All I Need Is My Lamp and My Dog!

 

I suffered through a small depressive episode last night.

I think I felt over-exposed, after sharing some of my internal creative dialogue here, after this guest post (on depression and suicidal ideation) was published on The Mighty, and after The Videoblogs received a few bumps in attention.

On the surface, these are all good things. They also represent sincere efforts at helping others. Still, it is the curse of those so afflicted that even good things can kick up old fears and insecurities.

Except now I have a base of acceptance, understanding, and compassion that I can fall back on, when I’m having a tough night, or day, or week.

I’m still not feeling the best. It was tough to get out of bed this morning. I similarly didn’t feel like writing this.

But I have a lamp and my dog to help me. Let me explain.

I’m also, more importantly, married to someone who both understands mental illness and knows how to react compassionately when someone is struggling.

It started with some physical symptoms, that appeared on my way home. My body started to ache. I felt tired. I lost the energy to do much of anything. I eventually found myself standing, staring blankly, in the middle of the apartment.

My wife asked if I was okay. I talked to her. This is the first right thing I did — by telling the truth to someone I can trust.

I decided to lay down in bed. Sometimes, you just have to do that. It’s no different than if you have a cold.

Some time later, my wife came in and asked how I was feeling. Not much had changed. She gently suggested that lying alone in the dark might not be helping. I heard her, but didn’t want to move. She left to heat up dinner, and we talked about me joining her to eat and watch some TV.

After a few more minutes, the dog showed up.

It is well-documented how helpful a dog can be when you’re feeling down. I let her up into the bed. She seemed to want to play. It wasn’t long before we were playing a bit, and her joy lightened my mood.

I kept it up. During a lull, I thought about what my wife had said, and turned my bedside lamp on — at its dimmest setting. For the next several minutes, I continued to focus solely on the dog.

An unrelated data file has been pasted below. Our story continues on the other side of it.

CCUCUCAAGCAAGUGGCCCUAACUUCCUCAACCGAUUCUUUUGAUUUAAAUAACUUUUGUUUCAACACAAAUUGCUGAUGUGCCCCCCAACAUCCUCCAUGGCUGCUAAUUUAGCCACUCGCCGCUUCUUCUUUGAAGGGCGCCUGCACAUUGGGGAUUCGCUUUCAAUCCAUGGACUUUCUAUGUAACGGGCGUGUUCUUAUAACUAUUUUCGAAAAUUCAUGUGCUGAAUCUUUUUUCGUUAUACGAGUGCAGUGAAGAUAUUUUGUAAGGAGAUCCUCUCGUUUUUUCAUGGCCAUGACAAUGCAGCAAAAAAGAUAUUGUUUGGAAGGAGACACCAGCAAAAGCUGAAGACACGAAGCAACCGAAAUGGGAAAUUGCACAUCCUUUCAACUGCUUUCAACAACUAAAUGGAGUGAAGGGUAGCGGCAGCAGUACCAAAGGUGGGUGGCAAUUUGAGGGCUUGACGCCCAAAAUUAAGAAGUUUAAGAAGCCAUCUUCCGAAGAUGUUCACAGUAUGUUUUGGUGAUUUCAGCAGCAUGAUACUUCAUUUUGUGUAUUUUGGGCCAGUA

Eventually, it was time to eat, and I was able to get up and watch TV. I felt significantly better. Before bed, I journaled for a few minutes, as a means of (non-judgmentally) externalizing my feelings. I slept without too much trouble and had odd, but not entirely dark, dreams.

As I’ve mentioned, today has been less difficult, so far, though I’m still feeling somewhat…flat.

It helped that my wife gently nudged me this morning, when I was snoozing a bit, because she knew I wanted to get up and write. It furthered helped to turn on the living room lamp, to offset the predawn darkness, before I sit down to work. I do that every morning.

Finally, there’s the dog. Without fail, she settles in beside me while I write. She’s here right now.

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These are touchstones of light and connection. It helps to turn to them when thoughts go dark and lonely. As for the rest of the day, I plan to take it easy. To stay in touch with people. To take care of myself.

Already, these things are working. Thanks for reading, and have a great day.

This is part twenty of a thirty day trial, during which I am writing and publishing a post every day. No refunds. Comments welcome and encouraged!

Day 01: Struggles and Wonders and Dying in  Chair

Day 02: Fear, Panic, Identity and Anti-Focus

Day 03: Purple Sky of Towering Clouds Over a Far-off City

Day 04: Circle Up and Laugh

Day 05: On The Future of Labor

Day 06: Appreciating Difficulty, Harnessing its Momentum

Day 07: The Word for World is Earth

Day 08: It’s About The Dreaming, Not The Dream

Day 09: Moments of Presence: CWC Interview (Writer Laura Goode)

Day 10: Simmering Little Wrath of The Annoyed Man

Day 11: Tragedy, Remembrance and Wonder

Day 12: A New Light Borrowed or Discovered

Day 13: Productivity Tips for Anyone Prone to Overwhelm (Like Me)

Day 14: Legitimately Va-goo

Day 15: Sex-Bleating and Cat Vomit

Day 16: The Waiting Place

Day 17: 6 Ways to Bring Balance to the (Artistic) Force

Day 18: How to Decide What to Make Next

Day 19: Take Faith for Yourself, Give Them Skepticism

 

Through The Fear: Novelist Amy Koppelman

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Amy Koppelman started writing before she had any idea that she would one day become a novelist. Three books and one film adaptation later, she now has plenty to share with Coffee with Creatives listeners, especially about:

  • The cathartic, early-stage creative exploits that often later lead to our larger creative pursuits
  • Waiting for the tools needed to authentically address what we’re compelled to address
  • Learning to parse comments and criticism
  • The importance of learning — and then breaking — the rules
  • The difficulty of letting go after a thing is done
  • How and why darkness doesn’t necessarily suggest hopelessness
  • Humanizing mental illness
  • The importance of perseverance

AMyKoppelman[1]It was great to meet Amy, and to talk shop about fiction and the challenges of being a novelist. Her unflinching portrayals of characters struggling with depression, trauma, and other tough subjects — they can serve as a good reminder of how hard things can get for people who we might know and love but not always fully understand. Her discussion of the hopefulness that can often come out of that process, as well, is particularly moving.